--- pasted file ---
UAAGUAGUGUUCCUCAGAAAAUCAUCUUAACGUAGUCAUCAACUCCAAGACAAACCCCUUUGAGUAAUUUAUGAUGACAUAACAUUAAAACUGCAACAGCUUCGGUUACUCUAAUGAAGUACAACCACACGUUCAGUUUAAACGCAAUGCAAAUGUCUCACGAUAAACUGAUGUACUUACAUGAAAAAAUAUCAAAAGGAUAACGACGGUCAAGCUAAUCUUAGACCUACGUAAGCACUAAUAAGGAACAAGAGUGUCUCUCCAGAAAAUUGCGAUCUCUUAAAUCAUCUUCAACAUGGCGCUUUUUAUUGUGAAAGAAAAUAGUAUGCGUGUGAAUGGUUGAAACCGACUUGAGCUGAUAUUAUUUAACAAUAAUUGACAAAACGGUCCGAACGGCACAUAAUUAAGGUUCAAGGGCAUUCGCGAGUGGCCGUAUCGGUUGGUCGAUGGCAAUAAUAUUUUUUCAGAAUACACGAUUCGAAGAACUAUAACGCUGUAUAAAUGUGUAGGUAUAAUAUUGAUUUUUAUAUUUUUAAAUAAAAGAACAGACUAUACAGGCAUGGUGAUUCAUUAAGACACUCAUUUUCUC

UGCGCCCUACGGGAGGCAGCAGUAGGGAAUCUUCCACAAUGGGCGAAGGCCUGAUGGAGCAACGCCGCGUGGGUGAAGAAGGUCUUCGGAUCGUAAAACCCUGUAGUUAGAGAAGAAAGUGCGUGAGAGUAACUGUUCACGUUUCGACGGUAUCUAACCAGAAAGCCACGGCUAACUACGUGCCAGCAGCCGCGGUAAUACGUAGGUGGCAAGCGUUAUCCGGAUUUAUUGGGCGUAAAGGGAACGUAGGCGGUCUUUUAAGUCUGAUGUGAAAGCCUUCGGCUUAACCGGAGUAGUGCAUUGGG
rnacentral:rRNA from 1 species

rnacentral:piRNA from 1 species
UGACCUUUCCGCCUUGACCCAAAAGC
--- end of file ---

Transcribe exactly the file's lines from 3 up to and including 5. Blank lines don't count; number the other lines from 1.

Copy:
rnacentral:rRNA from 1 species

rnacentral:piRNA from 1 species
UGACCUUUCCGCCUUGACCCAAAAGC